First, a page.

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March 22 (Reuters) - A barge leaked oil into the Houston Ship Channel after colliding with another ship near Texas City on Saturday and emergency responders laid down floating barriers to contain the spill, U.S. Coast Guard officials said.
Officials shut down the channel for ship traffic entering and exiting the Gulf of Mexico following the incident at the mouth of Galveston Bay, a spokesman for the Galveston County Office of Emergency Management said.
Coast Guard officials said early on Sunday they did not know when the channel might reopen.
The barge, which was being towed by the motor vessel Miss Susan, contained 168,000 gallons (636,000 liters) of fuel oil in the tank that was breached in a collision with a bulk carrier, the Summer Wind, said Coast Guard spokeswoman Petty Officer 3rd Class Manda Emery.
The barge and another barge towed by the motor vessel had a total of 924,000 gallons (3.5 million liters) of fuel oil but the other tanks on board were not breached, she said.
"This is a very significant discharge" of oil, said Coast Guard spokesman Lieutenant Junior Grade Kristopher Kidd.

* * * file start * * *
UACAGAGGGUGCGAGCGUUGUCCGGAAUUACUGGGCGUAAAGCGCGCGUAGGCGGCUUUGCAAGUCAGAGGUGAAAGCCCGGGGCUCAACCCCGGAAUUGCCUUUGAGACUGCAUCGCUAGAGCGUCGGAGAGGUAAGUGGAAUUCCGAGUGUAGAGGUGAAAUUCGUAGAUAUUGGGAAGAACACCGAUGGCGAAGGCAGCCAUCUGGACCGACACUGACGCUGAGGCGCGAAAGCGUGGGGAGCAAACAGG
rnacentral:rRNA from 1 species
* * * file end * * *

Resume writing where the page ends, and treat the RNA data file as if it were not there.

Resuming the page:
Officials said it was unclear exactly how much oil spilled out of the breached tank, which has partially sunk.
Authorities have laid down floating boom lines in an effort to contain the sheen of oil on the water, Emery said.
Kirby Inland Marine, which owns the motor vessel and the barges, is involved in the emergency response, according to the Coast Guard. The barges were being towed between Texas City and Port Bolivar at the time of the collision, Kidd said.
The Houston Ship Channel is a 53-mile (85 km) waterway connecting Houston and its petrochemical port, which is the largest in the United States, to the Gulf of Mexico. (Reporting by Alex Dobuzinskis in Los Angeles and Chris Michaud in New York; Editing by Lisa Shumaker)
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